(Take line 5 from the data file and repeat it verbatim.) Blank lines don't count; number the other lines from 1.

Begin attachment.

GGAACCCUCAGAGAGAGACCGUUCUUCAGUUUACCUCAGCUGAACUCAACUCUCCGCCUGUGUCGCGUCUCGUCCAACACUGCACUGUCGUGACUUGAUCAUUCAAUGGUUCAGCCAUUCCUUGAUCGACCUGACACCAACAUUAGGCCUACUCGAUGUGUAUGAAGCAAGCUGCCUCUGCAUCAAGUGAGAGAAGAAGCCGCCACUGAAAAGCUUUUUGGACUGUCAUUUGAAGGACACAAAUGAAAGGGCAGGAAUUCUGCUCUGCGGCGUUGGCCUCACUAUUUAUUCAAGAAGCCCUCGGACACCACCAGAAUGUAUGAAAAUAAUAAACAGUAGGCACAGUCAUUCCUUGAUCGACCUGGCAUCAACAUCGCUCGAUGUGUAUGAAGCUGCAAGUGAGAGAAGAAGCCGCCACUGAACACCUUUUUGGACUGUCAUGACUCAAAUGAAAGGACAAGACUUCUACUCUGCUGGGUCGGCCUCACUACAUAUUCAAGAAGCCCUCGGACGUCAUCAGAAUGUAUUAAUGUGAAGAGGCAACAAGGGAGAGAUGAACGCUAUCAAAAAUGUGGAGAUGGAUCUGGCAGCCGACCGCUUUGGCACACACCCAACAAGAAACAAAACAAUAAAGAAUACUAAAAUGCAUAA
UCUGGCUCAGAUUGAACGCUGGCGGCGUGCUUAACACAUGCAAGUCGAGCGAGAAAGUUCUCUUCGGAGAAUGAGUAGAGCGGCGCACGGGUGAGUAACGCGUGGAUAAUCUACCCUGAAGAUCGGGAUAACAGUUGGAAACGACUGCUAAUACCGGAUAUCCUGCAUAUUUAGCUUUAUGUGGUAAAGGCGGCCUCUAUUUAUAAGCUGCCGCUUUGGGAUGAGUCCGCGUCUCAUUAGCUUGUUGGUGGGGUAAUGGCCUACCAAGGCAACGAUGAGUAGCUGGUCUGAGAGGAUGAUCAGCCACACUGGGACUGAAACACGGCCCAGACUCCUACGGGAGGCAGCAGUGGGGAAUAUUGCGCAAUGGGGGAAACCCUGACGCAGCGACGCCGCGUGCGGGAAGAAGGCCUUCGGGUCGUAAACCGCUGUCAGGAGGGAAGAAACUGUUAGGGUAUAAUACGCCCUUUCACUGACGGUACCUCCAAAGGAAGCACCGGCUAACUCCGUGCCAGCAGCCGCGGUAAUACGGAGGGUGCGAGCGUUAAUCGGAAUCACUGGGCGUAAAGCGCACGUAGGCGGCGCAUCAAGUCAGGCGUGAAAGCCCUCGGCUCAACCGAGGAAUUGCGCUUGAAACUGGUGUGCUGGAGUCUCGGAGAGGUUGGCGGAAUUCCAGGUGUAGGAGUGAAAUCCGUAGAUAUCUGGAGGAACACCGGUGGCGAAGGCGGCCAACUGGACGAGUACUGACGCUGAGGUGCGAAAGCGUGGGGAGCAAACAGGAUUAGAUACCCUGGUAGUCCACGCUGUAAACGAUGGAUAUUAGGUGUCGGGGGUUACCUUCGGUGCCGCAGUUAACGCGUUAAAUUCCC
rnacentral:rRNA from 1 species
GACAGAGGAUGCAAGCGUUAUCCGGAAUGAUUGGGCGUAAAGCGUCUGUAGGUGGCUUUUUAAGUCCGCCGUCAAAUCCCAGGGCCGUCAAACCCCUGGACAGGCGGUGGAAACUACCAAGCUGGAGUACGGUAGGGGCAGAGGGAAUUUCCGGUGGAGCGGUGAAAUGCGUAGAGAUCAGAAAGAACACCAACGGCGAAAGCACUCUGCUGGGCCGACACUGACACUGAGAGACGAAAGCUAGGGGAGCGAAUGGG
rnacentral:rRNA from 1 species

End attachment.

rnacentral:rRNA from 1 species